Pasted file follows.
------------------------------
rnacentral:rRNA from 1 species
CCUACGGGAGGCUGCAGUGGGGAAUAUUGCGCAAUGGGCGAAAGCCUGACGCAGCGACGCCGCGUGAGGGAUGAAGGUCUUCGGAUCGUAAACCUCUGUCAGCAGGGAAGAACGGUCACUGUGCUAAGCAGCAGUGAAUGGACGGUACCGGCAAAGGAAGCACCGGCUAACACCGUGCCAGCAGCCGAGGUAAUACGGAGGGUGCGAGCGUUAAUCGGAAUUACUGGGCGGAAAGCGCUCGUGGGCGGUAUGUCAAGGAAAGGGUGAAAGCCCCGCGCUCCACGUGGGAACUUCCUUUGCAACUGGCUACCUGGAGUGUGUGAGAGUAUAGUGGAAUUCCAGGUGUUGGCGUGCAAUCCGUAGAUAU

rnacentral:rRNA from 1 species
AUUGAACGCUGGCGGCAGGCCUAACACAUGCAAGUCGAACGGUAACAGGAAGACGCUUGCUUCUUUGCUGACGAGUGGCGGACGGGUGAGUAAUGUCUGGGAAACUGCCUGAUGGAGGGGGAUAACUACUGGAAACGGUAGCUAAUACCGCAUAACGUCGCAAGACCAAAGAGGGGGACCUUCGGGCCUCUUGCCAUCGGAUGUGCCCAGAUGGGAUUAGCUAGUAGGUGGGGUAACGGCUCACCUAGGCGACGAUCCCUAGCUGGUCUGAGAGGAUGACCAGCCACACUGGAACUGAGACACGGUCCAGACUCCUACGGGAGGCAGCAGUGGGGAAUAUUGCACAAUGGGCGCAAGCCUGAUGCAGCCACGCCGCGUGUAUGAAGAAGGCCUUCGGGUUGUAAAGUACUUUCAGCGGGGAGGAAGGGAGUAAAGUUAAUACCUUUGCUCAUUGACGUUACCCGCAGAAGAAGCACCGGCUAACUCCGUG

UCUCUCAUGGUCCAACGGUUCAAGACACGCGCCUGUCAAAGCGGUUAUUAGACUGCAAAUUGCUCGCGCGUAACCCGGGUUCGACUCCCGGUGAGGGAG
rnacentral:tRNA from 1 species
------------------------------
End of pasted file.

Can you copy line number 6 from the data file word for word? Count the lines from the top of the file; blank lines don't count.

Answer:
rnacentral:tRNA from 1 species